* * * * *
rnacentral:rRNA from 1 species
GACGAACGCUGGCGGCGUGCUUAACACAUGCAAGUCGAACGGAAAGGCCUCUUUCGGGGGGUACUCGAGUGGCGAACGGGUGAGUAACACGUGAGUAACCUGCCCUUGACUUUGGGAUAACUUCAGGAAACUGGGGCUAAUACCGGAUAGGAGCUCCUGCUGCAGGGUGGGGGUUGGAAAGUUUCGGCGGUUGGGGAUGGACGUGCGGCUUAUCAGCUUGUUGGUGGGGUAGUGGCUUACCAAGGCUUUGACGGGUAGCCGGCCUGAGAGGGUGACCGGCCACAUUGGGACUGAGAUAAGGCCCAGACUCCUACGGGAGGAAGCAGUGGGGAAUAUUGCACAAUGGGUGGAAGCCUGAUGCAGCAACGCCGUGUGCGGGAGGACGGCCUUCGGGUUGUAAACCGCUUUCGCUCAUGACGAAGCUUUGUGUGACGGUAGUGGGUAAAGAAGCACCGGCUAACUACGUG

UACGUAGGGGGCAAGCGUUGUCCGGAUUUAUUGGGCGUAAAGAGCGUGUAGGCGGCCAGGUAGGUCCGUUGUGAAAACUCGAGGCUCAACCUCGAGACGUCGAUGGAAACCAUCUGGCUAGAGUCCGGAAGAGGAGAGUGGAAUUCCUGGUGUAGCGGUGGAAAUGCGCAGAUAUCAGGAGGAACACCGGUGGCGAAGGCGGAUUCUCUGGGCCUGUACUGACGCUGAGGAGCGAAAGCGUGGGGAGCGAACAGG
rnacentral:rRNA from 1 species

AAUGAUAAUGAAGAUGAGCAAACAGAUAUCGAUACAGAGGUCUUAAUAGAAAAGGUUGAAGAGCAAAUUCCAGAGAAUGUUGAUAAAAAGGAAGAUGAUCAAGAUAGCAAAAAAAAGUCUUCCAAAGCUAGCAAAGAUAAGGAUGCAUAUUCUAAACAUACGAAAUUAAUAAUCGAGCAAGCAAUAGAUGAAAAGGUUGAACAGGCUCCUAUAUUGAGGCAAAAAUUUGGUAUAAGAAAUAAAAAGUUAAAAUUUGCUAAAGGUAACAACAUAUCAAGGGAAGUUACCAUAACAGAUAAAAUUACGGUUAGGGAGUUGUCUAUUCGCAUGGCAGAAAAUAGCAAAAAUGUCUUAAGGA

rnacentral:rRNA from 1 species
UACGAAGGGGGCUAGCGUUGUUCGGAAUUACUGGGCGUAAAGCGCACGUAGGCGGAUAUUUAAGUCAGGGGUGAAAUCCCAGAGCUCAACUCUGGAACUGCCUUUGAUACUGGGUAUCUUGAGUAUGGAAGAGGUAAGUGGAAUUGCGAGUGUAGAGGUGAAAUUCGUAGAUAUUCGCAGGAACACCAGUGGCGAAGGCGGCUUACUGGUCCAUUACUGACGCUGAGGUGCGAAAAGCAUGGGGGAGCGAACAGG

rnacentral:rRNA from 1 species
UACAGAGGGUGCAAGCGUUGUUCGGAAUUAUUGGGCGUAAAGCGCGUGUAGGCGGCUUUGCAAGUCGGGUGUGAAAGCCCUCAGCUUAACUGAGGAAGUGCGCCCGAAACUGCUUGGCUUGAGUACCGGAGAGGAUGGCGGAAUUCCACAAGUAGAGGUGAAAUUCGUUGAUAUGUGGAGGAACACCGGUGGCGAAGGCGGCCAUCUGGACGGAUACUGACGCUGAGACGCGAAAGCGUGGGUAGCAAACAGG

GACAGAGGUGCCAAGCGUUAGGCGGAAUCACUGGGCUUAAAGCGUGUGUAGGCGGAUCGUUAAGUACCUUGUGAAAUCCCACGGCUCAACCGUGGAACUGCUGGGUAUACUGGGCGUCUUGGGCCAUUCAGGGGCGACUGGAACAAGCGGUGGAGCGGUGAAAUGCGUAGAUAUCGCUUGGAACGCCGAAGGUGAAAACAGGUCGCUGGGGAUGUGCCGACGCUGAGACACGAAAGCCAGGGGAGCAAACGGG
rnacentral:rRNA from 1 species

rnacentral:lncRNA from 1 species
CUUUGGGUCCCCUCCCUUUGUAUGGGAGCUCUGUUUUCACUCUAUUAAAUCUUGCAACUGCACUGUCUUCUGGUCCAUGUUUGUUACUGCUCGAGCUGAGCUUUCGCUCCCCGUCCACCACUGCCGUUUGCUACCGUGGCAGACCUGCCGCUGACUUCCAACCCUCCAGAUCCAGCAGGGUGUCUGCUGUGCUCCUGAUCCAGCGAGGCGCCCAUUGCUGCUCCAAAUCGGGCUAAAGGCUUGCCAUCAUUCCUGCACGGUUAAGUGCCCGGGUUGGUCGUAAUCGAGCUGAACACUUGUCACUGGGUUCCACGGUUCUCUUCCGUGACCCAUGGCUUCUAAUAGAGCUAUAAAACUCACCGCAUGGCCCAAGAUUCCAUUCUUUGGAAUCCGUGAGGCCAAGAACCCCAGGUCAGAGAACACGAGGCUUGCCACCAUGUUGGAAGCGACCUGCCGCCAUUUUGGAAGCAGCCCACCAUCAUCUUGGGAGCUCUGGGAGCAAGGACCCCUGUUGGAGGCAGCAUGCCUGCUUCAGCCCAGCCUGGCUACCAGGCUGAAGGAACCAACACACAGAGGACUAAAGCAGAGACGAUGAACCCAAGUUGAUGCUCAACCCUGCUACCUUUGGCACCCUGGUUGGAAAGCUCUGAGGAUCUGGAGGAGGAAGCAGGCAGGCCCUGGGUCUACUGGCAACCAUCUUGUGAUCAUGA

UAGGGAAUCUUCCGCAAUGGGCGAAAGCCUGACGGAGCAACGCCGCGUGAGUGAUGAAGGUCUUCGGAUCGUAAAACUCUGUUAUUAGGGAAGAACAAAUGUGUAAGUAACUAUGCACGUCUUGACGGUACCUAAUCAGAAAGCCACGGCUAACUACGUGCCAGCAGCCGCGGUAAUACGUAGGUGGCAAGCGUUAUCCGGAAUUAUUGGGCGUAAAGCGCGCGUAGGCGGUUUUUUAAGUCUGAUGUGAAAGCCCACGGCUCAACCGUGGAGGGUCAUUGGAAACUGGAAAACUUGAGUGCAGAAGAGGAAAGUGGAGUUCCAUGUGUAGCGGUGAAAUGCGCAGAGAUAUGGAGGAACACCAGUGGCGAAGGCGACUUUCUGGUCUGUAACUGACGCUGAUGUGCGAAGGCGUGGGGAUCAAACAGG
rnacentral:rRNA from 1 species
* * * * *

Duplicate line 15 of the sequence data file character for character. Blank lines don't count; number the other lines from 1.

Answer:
rnacentral:rRNA from 1 species